The deputy prime minister of the Chechen separatist government, Akhmed Zakaev, says the rebels are ready to begin talks about an eventual disarmament with Victor Kazantsev, Moscow's envoy to the North Caucasus. But in an interview with RFE/RL's Russian Service, Zakaev said Moscow would be wise not to confuse Chechen separatists with the terrorists who masterminded last month's attacks against the U.S.
Moscow, 3 October 2001 (RFE/RL) -- Last week, Russian President Vladimir Putin urged Chechen separatist fighters to end what he called their contacts with international terrorists. And he gave them a 72-hour deadline to get in touch with Russian authorities and begin the process of disarmament.
Victor Kazantsev, the president's envoy to the North Caucasus, was appointed to lead the negotiations from the Russian side. Chechen separatist leader Aslan Maskhadov said he would send Akhmed Zakaev, the deputy prime minister of the separatist government, to any such talks.
At the end of last week, after the deadline had passed, Kazantsev said he had spoken for 15 minutes by telephone with Zakaev. Both Kazantsev and Zakaev defined that first communication as a "work contact," staying away from using the words "peace talks."
Despite the initiatives, fighting continued in the breakaway republic, no arms were surrendered, and Maskhadov said the Chechen separatists had no intention of submitting to Putin's ultimatum.
Zakaev spoke recently with RFE/RL's Russian service about Putin's initiative in Chechnya and about his initial contacts with Kazantsev. He says that, so far, he has not began to seriously negotiate with Kazantsev. He says they've only discussed the potential sites for any future meetings and the way talks should be handled.
Though there has been little progress so far, Zakaev said he believes the terrorist attacks against the United States on 11 September have created a new atmosphere for peace talks and that he believes Putin honestly wants to end the conflict:
"After any turmoil, it is necessary to think. [So] after the tragedy [that happened] in New York and Washington, a thinking process is going on about [the new world situation]. For the first time in the past two years, [Russian authorities] evaluated, in a politically correct way, what is going on in Chechnya. And this comes not from an ordinary person, but from [Vladimir] Putin, the president of the Russian Federation. We don't think that [Putin's decision to begin talks] is just propaganda linked to the international changes. [We think he] wishes not only to stop, but to end, the secular conflict between Russia and Chechnya."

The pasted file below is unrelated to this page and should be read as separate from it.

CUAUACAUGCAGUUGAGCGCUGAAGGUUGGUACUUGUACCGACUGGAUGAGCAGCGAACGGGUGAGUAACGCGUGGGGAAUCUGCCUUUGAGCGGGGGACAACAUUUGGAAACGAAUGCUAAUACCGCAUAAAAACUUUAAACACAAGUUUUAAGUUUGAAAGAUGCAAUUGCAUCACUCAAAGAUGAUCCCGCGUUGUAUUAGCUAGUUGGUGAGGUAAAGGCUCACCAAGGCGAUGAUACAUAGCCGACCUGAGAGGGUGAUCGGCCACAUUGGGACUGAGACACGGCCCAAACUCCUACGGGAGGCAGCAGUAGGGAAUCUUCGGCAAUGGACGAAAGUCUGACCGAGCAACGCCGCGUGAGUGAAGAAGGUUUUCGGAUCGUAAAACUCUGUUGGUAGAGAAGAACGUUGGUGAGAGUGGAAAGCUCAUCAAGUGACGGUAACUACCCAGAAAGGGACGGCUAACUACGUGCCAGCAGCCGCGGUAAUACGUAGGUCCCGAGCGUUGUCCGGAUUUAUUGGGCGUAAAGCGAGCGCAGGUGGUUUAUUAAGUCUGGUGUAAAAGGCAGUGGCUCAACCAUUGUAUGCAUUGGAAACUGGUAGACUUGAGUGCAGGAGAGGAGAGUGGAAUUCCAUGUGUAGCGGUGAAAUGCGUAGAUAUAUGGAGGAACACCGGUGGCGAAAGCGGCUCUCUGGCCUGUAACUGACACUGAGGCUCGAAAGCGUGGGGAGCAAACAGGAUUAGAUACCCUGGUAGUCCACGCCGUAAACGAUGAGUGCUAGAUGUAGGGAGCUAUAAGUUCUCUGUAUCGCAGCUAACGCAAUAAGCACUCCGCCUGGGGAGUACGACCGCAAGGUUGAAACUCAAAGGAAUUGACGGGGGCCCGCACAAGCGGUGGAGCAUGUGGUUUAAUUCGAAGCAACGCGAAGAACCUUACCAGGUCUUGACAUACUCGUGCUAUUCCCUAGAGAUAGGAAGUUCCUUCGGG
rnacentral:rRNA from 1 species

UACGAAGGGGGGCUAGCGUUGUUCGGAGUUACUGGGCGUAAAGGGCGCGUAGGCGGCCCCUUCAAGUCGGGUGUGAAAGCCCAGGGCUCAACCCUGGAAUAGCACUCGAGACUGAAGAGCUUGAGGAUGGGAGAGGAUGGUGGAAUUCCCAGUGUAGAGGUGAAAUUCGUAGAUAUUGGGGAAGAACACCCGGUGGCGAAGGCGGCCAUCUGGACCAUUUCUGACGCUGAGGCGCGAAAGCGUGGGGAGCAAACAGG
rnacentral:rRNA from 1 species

Zakaev says the Chechen conflict should not be linked with the fight against international terrorism, a connection Putin has been trying to make in remarks following the 11 September attacks. Zakaev says the origins of the Chechen conflict predate the concept of global terrorism.
"The Russian-Chechen war did not begin in 1994 or in 1999. It began very long ago. The Chechen conflict has already been going on for about 300 to 400 years, and at that time [the] concept of terrorism or international terrorism did not exist. And at the moment, to try to turn a political conflict into a terrorist conflict -- as has been done during the past two years -- is going to fail."
Zakaev says Chechens back the efforts of the U.S.-led coalition against terrorism and are ready to help in the fight, despite reports to the contrary:
"After the terrorist attacks in New York and Washington, we fully backed the U.S. and its allies. We are ready to cooperate with the U.S. in its fight against terrorism. But I'm sure everybody noticed that after the American tragedy, somewhere in the Kurchaloysky forest [in eastern Chechnya, authorities] found a floppy [disk] containing a drawing of a Boeing [airplane] and some notes in Arabic. But it is just something badly planned by someone."
In the end, Zakaev says, some form of independence for Chechnya cannot be denied.
"The reason [why the second Chechen war began] is that up until now, it is not clear [what] the relationships between the Chechen Republic and Russian Federation are. For us, at the moment, independence is the only safety guarantee, not only for one or two [people], but for the all [Chechen] people."